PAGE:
A couple of weeks ago I wrote about purpose and re-purpose. I shared with my readers of the tool box I re-purposed and placed on my front porch. I had purchased an ivy plant, a spikey plant of some sort, and red geraniums to fill the tool box.
After two weeks of diligently watering these plants, the geraniums had not changed. There were no new shoots. No prospect of them flowering. I was a bit discouraged. And besides, I found no beauty in non-flowering plants!
So I went to the internet to do some research. What was I doing wrong (besides the usual reasons for killing plants in my home)?
1) geraniums require 6-8 hours of direct sunlight per day to bloom – the plants sit in full shade all day long;
2) geraniums do not bloom in extreme temperatures – it has been near or above 100° daily since I planted them;
3) geraniums love fertilizer – I have only watered these poor plants…not a drop of fertilizer.
Like geraniums, we require some proper tending. Our Christian faith and walk depend upon it. If we look at the early church, we see exactly what God has provided for our spiritual nutrition.
Acts 2:42 (NIV) says, “They devoted themselves to the apostles’ teaching and to the fellowship, to the breaking of bread, and to prayer.” Let’s take a look at these four elements.
Jesus taught the apostles what He wanted them to share with believers. It was part of the commission Jesus gave to His disciples. “…teaching them to obey everything I have commanded you.” (Matthew 28:20 – NIV) It was imperative that the apostles preach and teach the Gospel to new believers. Today, we have God’s Word so that we might know the full message of Jesus. Through its’ words, we are able to gain knowledge and wisdom on how we should conduct our lives.
The new believers were to be encouraged by worshipping together. Being strengthened by the number of other followers helped them when they were faced with opposition. Hebrews 10:25 (NIV) encourages us by confirming this principle. “Let us not give up meeting together, as some are in the habit of doing, but let us encourage one another—and all the more as you see the Day approaching.”
Breaking of Bread
Although this could be an ordinary meal, scholars believe this to reference the Lord’s Supper. As we partake of this special meal, we remember what Jesus did for us and proclaim His gift of salvation until He returns. “The Lord Jesus, on the night he was betrayed, took bread, and when he had given thanks, he broke it and said, ‘This is my body, which is for you; do this in remembrance of me.’ In the same way, after supper he took the cup, saying, ‘This cup is the new covenant in my blood; do this, whenever you drink it, in remembrance of me.’ For whenever you eat this bread and drink this cup, you proclaim the Lord’s death until he comes.” (1 Corinthians 11:23b-26 – NIV)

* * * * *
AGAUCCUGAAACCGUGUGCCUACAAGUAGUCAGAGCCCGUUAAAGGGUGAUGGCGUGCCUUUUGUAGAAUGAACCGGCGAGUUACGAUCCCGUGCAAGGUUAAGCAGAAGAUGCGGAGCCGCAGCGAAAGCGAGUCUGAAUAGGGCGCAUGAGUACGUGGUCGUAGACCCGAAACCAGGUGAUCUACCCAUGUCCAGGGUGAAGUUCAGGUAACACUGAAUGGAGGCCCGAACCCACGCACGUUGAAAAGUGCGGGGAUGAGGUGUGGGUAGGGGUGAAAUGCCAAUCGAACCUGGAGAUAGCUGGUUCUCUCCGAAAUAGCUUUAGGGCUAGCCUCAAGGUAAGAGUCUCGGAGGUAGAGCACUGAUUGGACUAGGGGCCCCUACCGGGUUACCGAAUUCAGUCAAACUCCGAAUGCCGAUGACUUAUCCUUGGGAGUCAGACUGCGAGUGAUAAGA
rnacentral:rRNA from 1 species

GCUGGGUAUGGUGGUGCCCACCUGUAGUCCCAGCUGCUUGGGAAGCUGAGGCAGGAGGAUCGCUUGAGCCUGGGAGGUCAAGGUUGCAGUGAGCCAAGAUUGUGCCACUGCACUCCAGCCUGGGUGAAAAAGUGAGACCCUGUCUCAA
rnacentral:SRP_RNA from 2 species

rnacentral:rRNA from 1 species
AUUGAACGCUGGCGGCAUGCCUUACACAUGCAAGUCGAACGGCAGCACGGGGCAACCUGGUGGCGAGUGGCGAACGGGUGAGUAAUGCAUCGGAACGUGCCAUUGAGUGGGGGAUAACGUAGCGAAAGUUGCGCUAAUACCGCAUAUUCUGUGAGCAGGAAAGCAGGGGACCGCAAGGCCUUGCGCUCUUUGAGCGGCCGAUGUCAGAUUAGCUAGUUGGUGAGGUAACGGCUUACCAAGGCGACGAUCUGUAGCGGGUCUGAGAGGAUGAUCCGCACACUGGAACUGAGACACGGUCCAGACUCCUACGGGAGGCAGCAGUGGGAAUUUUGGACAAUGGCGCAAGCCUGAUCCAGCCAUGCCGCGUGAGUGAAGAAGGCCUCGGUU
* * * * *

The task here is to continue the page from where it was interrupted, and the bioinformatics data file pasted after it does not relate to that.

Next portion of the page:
While the first three elements of spiritual growth have been corporate in nature, this last element is a more private exercise. When we spend time alone with God, we are able to draw near to Him. We are able to know God intimately. Scripture repeats that we are to be in prayer mode at all times. 1 Thessalonians 5:17 (NIV) says, “Pray continually.” Through this fellowship with God, our attitude changes. Our spirits are lifted. Our burdens are given to God. We celebrate our joys with Him.
As we draw closer to God using these four elements, we cannot help but grow and bloom. Our souls will receive sunshine (Jesus), the perfect climate (fellowship with believers and God), and fertilizer (Jesus’ teaching) to encourage our growth.
I will not profess to be an expert on geraniums at this point. I only learned how to best care for them under the circumstances.
I cannot move this beautiful showpiece. I cannot control the weather. I can however provide the nutrients needed to produce healthy plants. I also can purchase artificial geraniums to create the image I was looking for. And that is just what I did.
Grace and peace be yours in abundance,